Face Coverings 101: Differences Between Masks and N95 Respirators

In times like these, it’s important to understand that not all face coverings are the same.

Closer look as Face masks and respirators
  • Before the coronavirus (COVID-19) outbreak in the United States, you probably never thought you would have to understand the differences between a non-medical cloth face mask, a medical face mask and a N95 respirator. COVID-19 has created a new reality where face coverings are now a part of our everyday life. Read on to learn more about different types of masks and respirators and what to consider when deciding what you want to use to help protect yourself and others.

Does a face mask provide the same type of protection as a N95 respirator?

  • No. A simple way to think about it: respirators can help protect you while you breathe in; cloth or single use face masks are more about helping protect those around you as you talk, cough or sneeze.

    Disposable N95 respirators can help reduce your exposure to breathing in particulates, even very small particles floating in the air. Face masks do not provide this type of protection.

    For a product to meet government requirements for certified respiratory protection, it must be able to capture and filter particles of varying sizes — including those so small you can’t see them. And N95 respirators also need to form a tight seal around your face.

    Because of these protective capabilities, N95 respirators play a crucial role for healthcare workers and first responders on the front lines of the COVID-19 pandemic.

Below are some key differences between face coverings, medical masks and N95 respirators:

  • Non-medical reusable cloth face masks

    Non-medical reusable cloth face masks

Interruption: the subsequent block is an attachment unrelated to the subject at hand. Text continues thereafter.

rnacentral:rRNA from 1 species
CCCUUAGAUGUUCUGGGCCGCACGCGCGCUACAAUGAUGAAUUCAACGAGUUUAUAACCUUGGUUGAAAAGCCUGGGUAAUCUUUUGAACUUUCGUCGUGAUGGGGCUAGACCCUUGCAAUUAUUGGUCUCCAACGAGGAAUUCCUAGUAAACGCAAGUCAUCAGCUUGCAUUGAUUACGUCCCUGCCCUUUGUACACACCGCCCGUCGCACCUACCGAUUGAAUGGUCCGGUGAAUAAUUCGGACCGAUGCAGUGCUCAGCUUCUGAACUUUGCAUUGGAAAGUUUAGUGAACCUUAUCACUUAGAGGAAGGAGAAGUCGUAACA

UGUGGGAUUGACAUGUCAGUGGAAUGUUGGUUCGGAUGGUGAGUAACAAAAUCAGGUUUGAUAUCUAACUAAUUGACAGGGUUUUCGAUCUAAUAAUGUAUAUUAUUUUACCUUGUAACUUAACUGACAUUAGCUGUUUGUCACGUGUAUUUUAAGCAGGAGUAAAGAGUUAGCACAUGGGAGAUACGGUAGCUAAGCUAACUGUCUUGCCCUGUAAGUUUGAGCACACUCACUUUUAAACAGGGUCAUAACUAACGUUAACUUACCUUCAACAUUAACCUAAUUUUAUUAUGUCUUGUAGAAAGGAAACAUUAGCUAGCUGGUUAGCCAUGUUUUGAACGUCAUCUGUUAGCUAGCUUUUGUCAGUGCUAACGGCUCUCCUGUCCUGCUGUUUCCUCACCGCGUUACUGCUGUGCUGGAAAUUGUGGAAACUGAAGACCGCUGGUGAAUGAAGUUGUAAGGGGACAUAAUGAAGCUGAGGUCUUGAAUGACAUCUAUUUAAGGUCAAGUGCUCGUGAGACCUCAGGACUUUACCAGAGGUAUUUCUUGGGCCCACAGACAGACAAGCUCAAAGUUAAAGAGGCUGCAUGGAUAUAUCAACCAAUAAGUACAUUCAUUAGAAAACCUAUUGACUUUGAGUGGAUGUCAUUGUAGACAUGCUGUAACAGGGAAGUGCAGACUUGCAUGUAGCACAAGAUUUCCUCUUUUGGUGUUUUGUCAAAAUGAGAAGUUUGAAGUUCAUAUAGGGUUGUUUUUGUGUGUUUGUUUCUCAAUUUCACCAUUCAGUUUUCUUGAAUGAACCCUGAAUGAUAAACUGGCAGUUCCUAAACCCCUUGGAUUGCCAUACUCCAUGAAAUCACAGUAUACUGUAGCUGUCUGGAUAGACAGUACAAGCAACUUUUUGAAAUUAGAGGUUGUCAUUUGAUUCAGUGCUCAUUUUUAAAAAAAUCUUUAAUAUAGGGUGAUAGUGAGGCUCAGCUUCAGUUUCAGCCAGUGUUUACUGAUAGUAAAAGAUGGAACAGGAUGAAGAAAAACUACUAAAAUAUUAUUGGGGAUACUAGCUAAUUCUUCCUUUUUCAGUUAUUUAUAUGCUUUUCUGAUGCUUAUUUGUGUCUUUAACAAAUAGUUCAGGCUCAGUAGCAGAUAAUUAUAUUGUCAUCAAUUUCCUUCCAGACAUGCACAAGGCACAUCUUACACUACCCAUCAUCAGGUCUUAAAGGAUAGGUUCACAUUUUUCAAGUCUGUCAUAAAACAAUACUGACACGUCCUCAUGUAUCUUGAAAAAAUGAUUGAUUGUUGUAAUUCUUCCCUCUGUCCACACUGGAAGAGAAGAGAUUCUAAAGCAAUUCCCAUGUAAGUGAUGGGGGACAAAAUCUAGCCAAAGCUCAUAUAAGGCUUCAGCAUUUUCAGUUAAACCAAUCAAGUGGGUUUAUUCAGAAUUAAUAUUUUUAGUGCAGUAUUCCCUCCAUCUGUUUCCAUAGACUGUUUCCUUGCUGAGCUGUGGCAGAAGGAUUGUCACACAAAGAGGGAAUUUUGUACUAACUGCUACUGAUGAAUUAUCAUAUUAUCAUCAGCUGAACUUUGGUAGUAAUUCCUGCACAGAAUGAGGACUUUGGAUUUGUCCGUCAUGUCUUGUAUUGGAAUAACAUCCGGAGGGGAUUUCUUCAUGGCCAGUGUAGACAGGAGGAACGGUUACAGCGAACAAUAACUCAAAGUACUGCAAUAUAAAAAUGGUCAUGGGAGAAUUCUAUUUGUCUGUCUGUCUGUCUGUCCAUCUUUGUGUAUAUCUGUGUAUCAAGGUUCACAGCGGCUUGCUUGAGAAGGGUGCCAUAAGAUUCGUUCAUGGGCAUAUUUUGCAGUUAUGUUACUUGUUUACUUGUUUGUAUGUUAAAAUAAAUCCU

Although they do not create a tight seal around the face like an N95 respirator, non-medical face masks are currently recommended by the U.S. Centers for Disease Control and Prevention (U.S. CDC) for the general public during everyday use. These masks are convenient for wearing in everyday situations like grocery shopping, taking a socially distanced walk with your friends or talking to your neighbors. Cloth face masks may help block large particle droplets expelled by you from reaching others when you speak, cough or sneeze. Generally constructed of multiple layers, these masks are washable and can be found at many retailers.

  • Non-medical disposable face masks

    Non-medical disposable face masks

    Like cloth face masks, single-use disposable face masks adhere to U.S. CDC guidelines for use during day-to-day errands and interactions with people outside your household. They may also assist in helping protect others from germs you might spread to them and are available at many retail stores. They do not create a seal around the face. Unlike reusable cloth masks, single use masks should be thrown away after one use.

  • Medical masks

    Medical masks

    • Medical masks comply with recognized performance standards and are used by healthcare workers as a barrier to help protect them from high velocity streams of liquids, such as blood, that they may be exposed to during certain medical procedures. Medical masks can also help capture some particles and droplets expelled by the wearer, such as those that may contain viruses and bacteria.
    • Because medical masks fit loosely on the face, they do not provide respiratory protection to the wearer from germs or contaminants transmitted by coughs, sneezes or certain medical procedures since those fine particles in the air can leak in around the edges. This is one of the key reasons why they’re not used to help protect the wearer from breathing in particles. This is where an N95 respirator comes into play.
  • N95 standard disposable respirators

    N95 standard disposable respirators